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Boggan, Curry lead Oklahoma St. past Syracuse in MSG

NEW YORK (AP) -- JamesOn Curry couldn't help smiling. That's easy
when you just hit the shot your team needed to remain unbeaten.

Curry's 3-pointer with 22 seconds left stopped No. 21 Syracuse's
furious comeback from a 13-point deficit and led Oklahoma
State (No. 24 ESPN/USA Today; No. 22 AP) to a 72-68 victory Tuesday night in the Jimmy V Classic.

The Cowboys (10-0) hadn't scored for over 3½ minutes as the
Orange cut a 67-54 lead to one point. That didn't matter to junior
guard as he let fly from the head of the key.

"You can't think about anything like that when you're playing.
Players mess up when they think," he said with a smile a player
can have after scoring 20 points, including the game's biggest
ones.

The Cowboys (10-0) kept Sean Sutton's record as a head coach
perfect despite blowing almost all of that 13-point lead over the
final 3:45. Oklahoma State lost eight games last season on the
final possession.

"Confidence is the difference," Curry said. "Confidence is
contagious."

Sutton, who took over for his father, Eddie, this season, called
it a great win even if it wasn't perfect.

"We played well for 35 minutes and in the final five minutes we
had some breakdowns," Sutton said. "I'm proud of my guys for
hanging in there."

Syracuse freshman Paul Harris almost made his Madison Square
Garden debut a memorable one as he led the comeback by the Orange
(7-2), scoring nine of his 11 points over the final 3:45.

But Orange coach Jim Boeheim said the highly recruited Harris,
who was 0-for-3 from 3-point range and has seven turnovers, has a
lot to learn.

"He's 1-for-13 from the 3-point line," Boeheim said, referring
to the 6-foot-5 Harris' stat for the season. "He thinks he can
make them all I'll give him that much. He is confident."

Harris, who was fighting a stomach virus all week, sat in the
locker room with his head in his hands and at first said he didn't
want to talk to the media, then changed his mind.

"I don't even want to watch the film I played so bad. I don't
want to look at it. I've got to man up and watch it," he said.
"Honestly, in the first half I was shooting jumpers and should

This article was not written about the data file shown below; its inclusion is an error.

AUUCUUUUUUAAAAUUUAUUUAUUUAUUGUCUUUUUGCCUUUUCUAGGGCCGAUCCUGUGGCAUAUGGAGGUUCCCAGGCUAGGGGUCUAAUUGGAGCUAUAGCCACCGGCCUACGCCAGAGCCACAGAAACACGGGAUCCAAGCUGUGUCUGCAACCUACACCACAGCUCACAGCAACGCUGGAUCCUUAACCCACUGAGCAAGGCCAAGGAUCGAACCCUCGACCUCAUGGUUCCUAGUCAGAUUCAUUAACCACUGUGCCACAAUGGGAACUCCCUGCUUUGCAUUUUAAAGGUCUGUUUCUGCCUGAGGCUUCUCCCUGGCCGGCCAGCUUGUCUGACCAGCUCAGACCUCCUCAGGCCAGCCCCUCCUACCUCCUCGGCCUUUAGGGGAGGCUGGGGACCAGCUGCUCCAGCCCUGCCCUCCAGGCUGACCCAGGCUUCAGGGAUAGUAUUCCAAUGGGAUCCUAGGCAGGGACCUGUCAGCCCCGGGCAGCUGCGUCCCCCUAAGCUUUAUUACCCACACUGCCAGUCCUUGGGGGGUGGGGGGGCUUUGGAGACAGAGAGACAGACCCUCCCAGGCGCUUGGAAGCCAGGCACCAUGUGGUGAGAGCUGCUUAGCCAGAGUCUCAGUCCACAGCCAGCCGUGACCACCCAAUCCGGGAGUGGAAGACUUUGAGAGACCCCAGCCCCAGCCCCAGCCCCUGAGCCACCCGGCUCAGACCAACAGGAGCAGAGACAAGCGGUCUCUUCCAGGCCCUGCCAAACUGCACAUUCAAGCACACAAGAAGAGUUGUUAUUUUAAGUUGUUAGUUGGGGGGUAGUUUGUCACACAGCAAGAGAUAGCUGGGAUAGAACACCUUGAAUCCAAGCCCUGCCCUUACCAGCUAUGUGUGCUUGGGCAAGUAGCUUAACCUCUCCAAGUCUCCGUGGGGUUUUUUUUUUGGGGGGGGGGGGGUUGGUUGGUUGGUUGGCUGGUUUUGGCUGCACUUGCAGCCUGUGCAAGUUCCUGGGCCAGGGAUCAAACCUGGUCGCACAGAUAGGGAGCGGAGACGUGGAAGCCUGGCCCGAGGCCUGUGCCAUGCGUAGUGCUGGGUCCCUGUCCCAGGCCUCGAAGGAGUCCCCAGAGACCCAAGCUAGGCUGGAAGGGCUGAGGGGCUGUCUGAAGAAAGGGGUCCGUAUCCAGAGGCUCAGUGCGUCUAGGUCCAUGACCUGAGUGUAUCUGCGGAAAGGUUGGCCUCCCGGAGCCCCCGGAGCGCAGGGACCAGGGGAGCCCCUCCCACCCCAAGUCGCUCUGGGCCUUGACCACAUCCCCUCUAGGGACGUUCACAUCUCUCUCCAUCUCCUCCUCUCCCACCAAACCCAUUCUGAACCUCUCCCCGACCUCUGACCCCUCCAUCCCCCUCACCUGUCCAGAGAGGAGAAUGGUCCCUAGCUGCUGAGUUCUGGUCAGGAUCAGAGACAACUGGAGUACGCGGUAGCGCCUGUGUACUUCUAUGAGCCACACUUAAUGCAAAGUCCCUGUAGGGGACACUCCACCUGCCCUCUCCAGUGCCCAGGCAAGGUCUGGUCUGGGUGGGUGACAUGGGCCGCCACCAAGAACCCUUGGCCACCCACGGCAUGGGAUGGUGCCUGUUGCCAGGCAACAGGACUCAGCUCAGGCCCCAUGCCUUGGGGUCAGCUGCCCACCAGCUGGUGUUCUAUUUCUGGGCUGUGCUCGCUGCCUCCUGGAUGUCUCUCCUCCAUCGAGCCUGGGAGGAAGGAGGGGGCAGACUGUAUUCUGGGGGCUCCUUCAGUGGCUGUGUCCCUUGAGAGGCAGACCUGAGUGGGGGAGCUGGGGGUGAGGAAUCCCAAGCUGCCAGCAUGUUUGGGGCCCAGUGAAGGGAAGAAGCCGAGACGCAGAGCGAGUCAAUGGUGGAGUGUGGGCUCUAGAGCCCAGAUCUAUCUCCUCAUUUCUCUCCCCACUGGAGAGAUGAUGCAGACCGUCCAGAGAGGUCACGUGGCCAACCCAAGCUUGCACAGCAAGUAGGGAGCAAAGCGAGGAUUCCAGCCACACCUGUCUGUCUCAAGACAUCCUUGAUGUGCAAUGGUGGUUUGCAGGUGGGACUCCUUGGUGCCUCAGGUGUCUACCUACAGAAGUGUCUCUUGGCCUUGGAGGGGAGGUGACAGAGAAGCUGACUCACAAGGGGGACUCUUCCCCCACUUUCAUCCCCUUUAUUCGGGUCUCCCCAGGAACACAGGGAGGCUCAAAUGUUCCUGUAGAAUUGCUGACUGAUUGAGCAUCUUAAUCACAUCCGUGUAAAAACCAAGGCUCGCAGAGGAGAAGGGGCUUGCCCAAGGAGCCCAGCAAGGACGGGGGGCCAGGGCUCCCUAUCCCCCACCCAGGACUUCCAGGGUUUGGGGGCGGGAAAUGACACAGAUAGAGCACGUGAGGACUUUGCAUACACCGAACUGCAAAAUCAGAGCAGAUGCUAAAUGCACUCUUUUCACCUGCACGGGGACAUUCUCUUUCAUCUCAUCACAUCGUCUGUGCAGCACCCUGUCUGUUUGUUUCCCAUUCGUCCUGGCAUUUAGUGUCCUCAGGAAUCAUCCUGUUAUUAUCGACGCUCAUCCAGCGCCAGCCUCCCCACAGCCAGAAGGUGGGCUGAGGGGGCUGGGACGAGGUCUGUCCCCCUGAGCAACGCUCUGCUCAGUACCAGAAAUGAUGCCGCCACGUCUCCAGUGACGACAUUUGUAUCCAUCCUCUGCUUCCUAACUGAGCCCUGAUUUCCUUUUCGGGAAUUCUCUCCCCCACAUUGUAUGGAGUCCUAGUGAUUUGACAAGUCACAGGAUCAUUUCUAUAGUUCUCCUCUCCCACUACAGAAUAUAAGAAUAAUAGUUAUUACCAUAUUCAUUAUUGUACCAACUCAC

have gone to the basket and I waited too late when we were down 10
points.

"They're not a bad team but I really believe we're better. I
think they outrebounded us, out-toughed us."

Mario Boggan had 21 points -- 15 in the first half -- on 9-for-14
shooting and grabbed eight rebounds for Oklahoma State.

"I get it started down low and then he takes over," Boggan
said, referring to Curry, who was 4-for-6 on 3-pointers.

Demetris Nichols had 26 points for the Orange, who lost their
second straight game.

Boggan's driving flip with 3:55 left capped the Cowboys' second
9-0 run of the second half and made it 67-54.

Oklahoma State was able to take the double-digit lead in the
second half as Syracuse committed 17 of its 23 turnovers over the
final 20 minutes.

The Cowboys' first 9-0 run gave them a 56-46 lead with 9:12
left, but the Orange were able to recover and got within 58-54 on a
rebound basket by Terrence Roberts with 7:29 to go.

Syracuse again couldn't take care of the ball and committed four
turnovers in the second 9-0 run.

That's when Harris took over.

His driving dunk with 2:28 to go made it 67-60 and the Orange
suddenly had some life as Oklahoma State went cold from the field.
He grabbed a miss by Curry and drove the length of the court to
make it 67-66 with 49 seconds to go.

Curry hit his big shot 27 seconds later and Oklahoma State held
on.

"We're just making too many mistakes on the offensive end for
two games in a row now," Boeheim said. "We're just not cohesive
on the offensive end. We're just trying to get the ball more inside
and we're just not comfortable right now doing that."

Freshman Obi Muonelo had 11 points for Oklahoma State, his 10th
game in double figures.

Roberts had 14 points for Syracuse, which was outrebounded
33-23, including 13-6 on the offensive end.

The Jimmy V Classic raises money for The V Foundation for Cancer
Research, which was founded in 1993 by the late Jim Valvano and
ESPN. The foundation has raised more than $60 million with the
Jimmy V Classic donating more than $1 million.

On Tuesday, it was announced the Classic, which moved to Madison
Square Garden in 2003, will continue to be played there through
2008.

Valvano, who led North Carolina State to the national
championship in 1983, died of cancer in May 1993, just two months
after delivering his famous "Don't Give Up, Don't Ever Give Up"
speech at the ESPY Awards.